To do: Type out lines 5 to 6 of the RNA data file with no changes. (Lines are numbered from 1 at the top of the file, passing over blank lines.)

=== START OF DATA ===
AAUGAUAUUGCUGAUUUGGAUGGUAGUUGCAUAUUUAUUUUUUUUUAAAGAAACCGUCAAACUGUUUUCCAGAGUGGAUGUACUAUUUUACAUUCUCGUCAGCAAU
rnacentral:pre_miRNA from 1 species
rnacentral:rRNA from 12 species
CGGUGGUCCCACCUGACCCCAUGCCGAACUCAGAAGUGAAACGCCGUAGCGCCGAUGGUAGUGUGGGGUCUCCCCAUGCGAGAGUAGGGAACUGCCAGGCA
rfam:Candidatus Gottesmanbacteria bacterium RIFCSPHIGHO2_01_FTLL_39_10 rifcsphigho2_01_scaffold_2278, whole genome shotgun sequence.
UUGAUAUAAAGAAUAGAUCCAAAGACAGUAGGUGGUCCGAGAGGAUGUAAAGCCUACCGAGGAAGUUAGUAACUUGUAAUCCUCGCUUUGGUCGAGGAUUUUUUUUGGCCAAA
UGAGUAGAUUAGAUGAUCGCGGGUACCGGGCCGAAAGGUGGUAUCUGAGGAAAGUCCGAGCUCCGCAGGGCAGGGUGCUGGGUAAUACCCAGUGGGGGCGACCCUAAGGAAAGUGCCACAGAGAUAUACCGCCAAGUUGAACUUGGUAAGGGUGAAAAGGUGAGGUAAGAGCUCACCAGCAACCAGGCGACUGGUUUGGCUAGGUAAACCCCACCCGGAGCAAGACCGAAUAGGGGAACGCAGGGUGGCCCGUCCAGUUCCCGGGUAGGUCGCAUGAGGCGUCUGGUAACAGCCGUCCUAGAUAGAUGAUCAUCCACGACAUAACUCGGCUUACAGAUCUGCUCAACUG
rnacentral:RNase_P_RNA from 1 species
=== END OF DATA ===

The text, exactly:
rfam:Candidatus Gottesmanbacteria bacterium RIFCSPHIGHO2_01_FTLL_39_10 rifcsphigho2_01_scaffold_2278, whole genome shotgun sequence.
UUGAUAUAAAGAAUAGAUCCAAAGACAGUAGGUGGUCCGAGAGGAUGUAAAGCCUACCGAGGAAGUUAGUAACUUGUAAUCCUCGCUUUGGUCGAGGAUUUUUUUUGGCCAAA